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Preparing for a mixing trial

Prepping for a Mixing Trial

Technology Brief

Simulation trials are useful experiments that help identify the right mixer for a specific application and predict machine performance. This bulletin discusses some preparation ideas for a smooth and productive mixer testing.

Mixing simulations

Whether you are establishing a process for a new product, scaling up or upgrading an existing procedure, testing is an essential part of equipment procurement. Simulation trials are especially important when considering mixing equipment since many mixing and blending processes are product-dependent and do not purely rely on mathematical models or calculations. Empirical testing is the surest way of determining the most suitable mixer technology for a particular application. This hands-on approach works best when the main variables - raw materials, temperature, pressure, batch size, etc. - are simulated as close as possible to the actual process.

Where to test

Mixing trials can be performed at your plant using trial/rental equipment or at the mixer manufacturer's laboratory. Trial renting to run tests on your production floor or R&D lab is advantageous in that you can perform virtually unlimited mixing trials under normalized process conditions. Immediately after mixing, you would also be able to analyze the finished product according to your quality check procedures. Testing at the manufacturer's laboratory has the benefit of allowing you to evaluate multiple equipment designs and utilize the expertise of mixing engineers who can make valuable suggestions based on their observations of your product's behavior during and after mixing.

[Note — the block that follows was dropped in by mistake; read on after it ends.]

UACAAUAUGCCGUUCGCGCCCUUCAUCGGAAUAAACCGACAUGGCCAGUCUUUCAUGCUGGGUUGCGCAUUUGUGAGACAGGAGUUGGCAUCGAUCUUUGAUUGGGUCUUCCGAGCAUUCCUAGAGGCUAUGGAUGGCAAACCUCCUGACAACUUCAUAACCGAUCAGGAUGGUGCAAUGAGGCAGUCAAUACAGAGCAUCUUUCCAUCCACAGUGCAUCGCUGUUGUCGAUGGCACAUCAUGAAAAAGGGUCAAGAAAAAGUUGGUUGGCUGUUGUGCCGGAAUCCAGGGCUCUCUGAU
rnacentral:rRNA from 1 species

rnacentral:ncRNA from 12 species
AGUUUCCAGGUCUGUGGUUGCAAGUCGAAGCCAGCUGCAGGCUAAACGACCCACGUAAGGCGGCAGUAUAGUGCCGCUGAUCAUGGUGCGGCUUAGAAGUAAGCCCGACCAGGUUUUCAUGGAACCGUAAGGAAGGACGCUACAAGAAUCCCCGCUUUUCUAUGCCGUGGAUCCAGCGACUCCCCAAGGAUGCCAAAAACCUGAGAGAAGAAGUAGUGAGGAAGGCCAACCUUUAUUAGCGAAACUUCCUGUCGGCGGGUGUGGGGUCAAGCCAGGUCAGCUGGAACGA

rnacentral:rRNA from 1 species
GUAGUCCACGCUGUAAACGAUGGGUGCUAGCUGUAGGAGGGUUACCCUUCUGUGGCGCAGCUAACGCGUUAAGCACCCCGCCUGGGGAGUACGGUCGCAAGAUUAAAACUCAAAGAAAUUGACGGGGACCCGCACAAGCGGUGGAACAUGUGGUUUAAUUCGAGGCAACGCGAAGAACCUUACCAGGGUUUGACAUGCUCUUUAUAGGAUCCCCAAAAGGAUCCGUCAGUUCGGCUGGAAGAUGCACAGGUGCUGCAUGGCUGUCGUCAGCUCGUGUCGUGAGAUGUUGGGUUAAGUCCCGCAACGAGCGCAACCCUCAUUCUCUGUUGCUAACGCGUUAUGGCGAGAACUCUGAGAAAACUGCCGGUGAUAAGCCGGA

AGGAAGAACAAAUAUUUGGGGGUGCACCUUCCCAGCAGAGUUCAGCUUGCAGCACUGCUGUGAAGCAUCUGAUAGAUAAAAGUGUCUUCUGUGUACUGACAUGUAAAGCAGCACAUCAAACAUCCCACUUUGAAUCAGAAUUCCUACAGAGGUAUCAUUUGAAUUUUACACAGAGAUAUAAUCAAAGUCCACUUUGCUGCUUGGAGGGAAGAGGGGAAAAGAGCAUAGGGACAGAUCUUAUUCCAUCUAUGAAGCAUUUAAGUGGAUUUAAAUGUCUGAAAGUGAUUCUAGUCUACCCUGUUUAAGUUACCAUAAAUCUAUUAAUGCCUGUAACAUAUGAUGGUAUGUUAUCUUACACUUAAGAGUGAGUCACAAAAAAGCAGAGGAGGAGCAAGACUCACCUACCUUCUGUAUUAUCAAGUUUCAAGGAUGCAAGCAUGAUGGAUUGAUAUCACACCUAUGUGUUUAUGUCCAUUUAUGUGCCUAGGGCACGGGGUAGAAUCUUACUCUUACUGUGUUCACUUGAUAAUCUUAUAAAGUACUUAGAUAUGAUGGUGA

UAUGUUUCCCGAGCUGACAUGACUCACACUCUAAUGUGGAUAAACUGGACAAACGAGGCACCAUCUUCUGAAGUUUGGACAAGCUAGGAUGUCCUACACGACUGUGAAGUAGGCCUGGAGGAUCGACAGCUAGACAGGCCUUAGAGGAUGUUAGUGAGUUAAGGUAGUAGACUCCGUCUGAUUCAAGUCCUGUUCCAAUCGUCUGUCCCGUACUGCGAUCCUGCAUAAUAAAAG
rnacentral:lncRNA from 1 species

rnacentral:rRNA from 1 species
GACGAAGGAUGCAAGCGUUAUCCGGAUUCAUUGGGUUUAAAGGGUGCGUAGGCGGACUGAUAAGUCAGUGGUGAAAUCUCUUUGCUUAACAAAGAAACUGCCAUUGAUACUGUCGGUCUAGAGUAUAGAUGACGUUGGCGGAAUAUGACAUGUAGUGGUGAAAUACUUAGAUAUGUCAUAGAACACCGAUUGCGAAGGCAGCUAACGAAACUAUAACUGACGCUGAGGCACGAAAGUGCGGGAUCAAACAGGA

Important preparations

If testing at a mixer manufacturer's laboratory, below are some important items you can do or research in advance:

  • Plan on attending the mixing trial. Some testing laboratories allow unwitnessed simulations but your expertise on the characteristics and properties of your specific product will boost the trial's chances for success. Plus, you will be able to observe how the mixer is operated, learn useful techniques and identify any potential issues well before the equipment is delivered to your facility.
  • Discuss your current method of processing, mixing objectives and application in detail with your sales or technical representative to narrow down the mixer configurations and parameters which would be useful for you to test.
  • Indicate the batch size or flow rate that you will require on the actual process. To obtain reliable data for scale-up, a good rule of thumb is to test on a mixer no smaller than 10% of the capacity you are looking to eventually purchase.
  • Prepare a control sample for comparison with the trial batches. Check if the manufacturer's laboratory has analytical equipment that you can use for checking end product quality (particle size analyzer, microscope, moisture balance, Hegman gauge, pH meter, picnometer, etc.). Specialized tests may have to be done back at your facility so be ready with sample containers or boxes/pails for the finished product, MSDS's and return shipping information.
  • If possible, pre-weigh all raw materials for each batch. This will save a lot of time and leave more room for testing and discussion, as needed. Send enough raw materials for an extra run or two, just in case.

Mixing Trial Summary Application: EVA-based hot-melt adhesive

EVA hot melt adhesive mixer

1. The starting waxes and resins are charged into the vessel of a Double Planetary Mixer. Heating oil at 470oC is circulated through the mix can jacket to melt the solids.

2. Filler powders are slowly added to the batch through a charge port as the helical planetary stirrers are running. Despite the careful addition, lumps form and resist dispersion.

3. To eliminate the lumps, the mix can is transferred to a same-size Hybrid Planetary Mixer equipped with a rectangular stirrer and a saw-tooth disperser blade.

4-6. Finished product is discharged through the bottom ball valve and into release-lined boxes. Testing confirms that high speed mixing, along with planetary stirring or slow agitation from a stationary-shaft anchor, is required to produce a smooth dispersion of the fillers in this adhesive.

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